Tips on how to increase your EQ
Helen Maffini, an educational consultant from Australia who specialises in EQ and has lived and worked in the UAE:
- Develop self-awareness and see yourself as others do. You can do this by taking time to reflect each day on how you acted and reacted and how those around you did. Becoming aware allows you to take a step towards managing your emotions.
- Learn to read facial expressions and body language. This is a skill you can acquire with practice. This will help you tune into people's feelings and moods and really hear what is behind their words.
- Learn to manage stress. Deep breathing is one effective way to manage stressful situations. Learn to breathe deeply and you will be amazed at how quickly you can change your emotions.
Jayne Morrison, regional director of Six Seconds Middle East and Africa:
- There are more than 1,000 words to describe emotions in the English language; most of us use about 10. And yet the foundation of emotional intelligence is emotional literacy - the ability to identify and interpret feelings. To develop emotional literacy, start recognising and naming feelings, increase your emotional vocabulary, and understand the cause and effect of emotions. Use feeling words. Ask people about their feelings and truly listen to their responses.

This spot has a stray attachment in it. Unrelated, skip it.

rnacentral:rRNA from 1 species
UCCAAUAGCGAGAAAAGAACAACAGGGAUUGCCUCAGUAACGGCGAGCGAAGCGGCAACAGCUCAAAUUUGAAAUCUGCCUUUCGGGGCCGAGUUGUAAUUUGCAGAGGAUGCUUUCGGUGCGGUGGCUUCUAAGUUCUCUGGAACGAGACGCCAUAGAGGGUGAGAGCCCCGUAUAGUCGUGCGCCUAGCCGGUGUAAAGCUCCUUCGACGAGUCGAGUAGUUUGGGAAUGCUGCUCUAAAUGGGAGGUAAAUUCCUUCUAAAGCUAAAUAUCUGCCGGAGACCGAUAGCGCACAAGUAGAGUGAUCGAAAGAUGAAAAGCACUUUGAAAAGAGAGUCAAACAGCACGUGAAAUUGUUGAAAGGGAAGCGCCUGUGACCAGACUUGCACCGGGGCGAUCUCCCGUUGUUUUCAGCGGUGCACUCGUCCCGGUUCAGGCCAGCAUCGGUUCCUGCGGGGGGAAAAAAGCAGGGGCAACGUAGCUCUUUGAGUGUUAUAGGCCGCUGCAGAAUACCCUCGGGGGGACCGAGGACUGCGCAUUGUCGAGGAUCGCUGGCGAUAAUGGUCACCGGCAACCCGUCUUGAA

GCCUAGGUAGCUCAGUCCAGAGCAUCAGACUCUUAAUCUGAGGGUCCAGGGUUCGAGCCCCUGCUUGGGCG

- To assist in making better decisions, at home and at work, I find these three questions incredibly powerful: What am I feeling? Consider cause and effect. What options do I have? Consider cost and benefits for self and others. And what do I really want? How does this align with my sense of purpose, my values and others etc?
- Probably the simplest, but possibly the most powerful, tip in assisting in developing empathy, building deeper connections and stronger relationships in all domains of your life is to use your ears and mouth in the ratio in which they were given - listen more, talk less.
Dr Steven Stein, author of The EQ Edge and clinical psychologist:
- Work at developing yourself. Learn more about your own emotions and how they affect your behaviours. Be more patient, pay attention to others and try to understand where they are coming from when you are interacting with them.
- Emotional skills are learnt more by doing and experiencing than by reading. Each skill will require some practice in the real world with others to develop, but by developing these skills you will be better able to achieve your personal and professional goals.
Six Seconds Middle East and Africa offers a range of workshops and assessments for those looking to improve their EQ. Forthcoming events in the UAE include:
Vital Signs Toolkit, February 17-18
Emotional Intelligence Certification, March 24-28
Coaching Emotional Intelligence Certification, April 22-25
For full listings please visit www.6seconds-mea.com/about/events
Updated: February 11, 2013 04:00 AM